Psyché Tropes Episode 16
11pm, 25 Septmenber 2023 on Resonance 104.4FM.


Psyché Tropes Episode 16 presented by Steven McInerney picks up from where we left off but delves even deeper into the dark world of Butoh and Cine Dance.

Butoh is a subversive form of dance theatre that emerged in the post-World War II climate of Japan. While a contemporary practice, its origins lie deep in the roots of a Japanese archaic native tradition involving mythology, folklore, and spirituality.

Born in 1959 from the imagination of two of the most influential underground figures, Tatsumi Hijikata and Kazuo Ohno, Butoh existed outside of the mainstream, dealing with taboos involving a language that is often violent, absurd, and sexually explicit, breaching all sorts of social conventions.

The first soundtrack in the programme is titled Anma (The Masseurs), a Cine Dance film by Takahiko Iimura from 1963. Anma (The Masseurs) is a representative and historical work by Hijikata, who plays a soldier, featuring Kazuo Ohno, who plays a mad woman, first outcast and ignored but eventually accepted by the community through dance.

Following on from Anma (The Masseurs) is an excerpt from the 1974 film 'Himiko,' directed by Masahiro Shindoa, with an original soundtrack by Toru Takemitsu. It's a film about the myth of the sun goddess who founded Japanese society, seen through the lens of a modern view of history.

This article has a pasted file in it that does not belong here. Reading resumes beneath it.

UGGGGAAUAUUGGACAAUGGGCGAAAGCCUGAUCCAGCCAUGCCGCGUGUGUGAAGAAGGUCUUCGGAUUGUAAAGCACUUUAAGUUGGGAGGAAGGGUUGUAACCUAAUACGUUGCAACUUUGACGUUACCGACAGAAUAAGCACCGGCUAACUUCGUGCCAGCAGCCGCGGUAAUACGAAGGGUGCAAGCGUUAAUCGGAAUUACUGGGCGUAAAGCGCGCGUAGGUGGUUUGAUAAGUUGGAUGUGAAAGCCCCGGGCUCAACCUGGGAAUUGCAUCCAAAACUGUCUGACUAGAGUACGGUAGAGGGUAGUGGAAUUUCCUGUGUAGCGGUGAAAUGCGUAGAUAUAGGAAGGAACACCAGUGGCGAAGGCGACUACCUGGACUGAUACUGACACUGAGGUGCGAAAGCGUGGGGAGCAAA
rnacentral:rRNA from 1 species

The diegetic footprint of Kazuo Ohno in the 1973 film Mr. O’s Book of the Dead, directed by Nagano Chiaki. This was the last of a trilogy of experimental films about Kazuo Ohno during a period in which he had retired from public performance and just before he started touring the world as a solo dancer with his celebrated work, Admiring La Argentina. In the film, Ohno leads a troupe of strangely dressed, made-up, and gest-iculating dancers through a succession of lush, desolate, and surreal landscapes.

Continuing on from Mr. O’s Book of the Dead, is an excerpt from Hijikata’s A Summer Storm, shot on Super 8 in 1972 by Misoa Arai with music by Contadino Di Kham.

Closing off Episode 16 is an excerpt from Takahiko Imura’s 1965 11-minute piece, Rose Coloured Dance, featuring Hikikata with Ohno, shot on black and white 16mm as Hijikata was emerging as the originator of Butoh, with music by Tomomi Adachi.

For Hijikata, Butoh was not only a practice of self-exploration but also a way of life. Even during his final moments terminal moments,  Hikikata gathered his friends and danced his final performance on his deathbed, where even his final breath was a piece of theatre.


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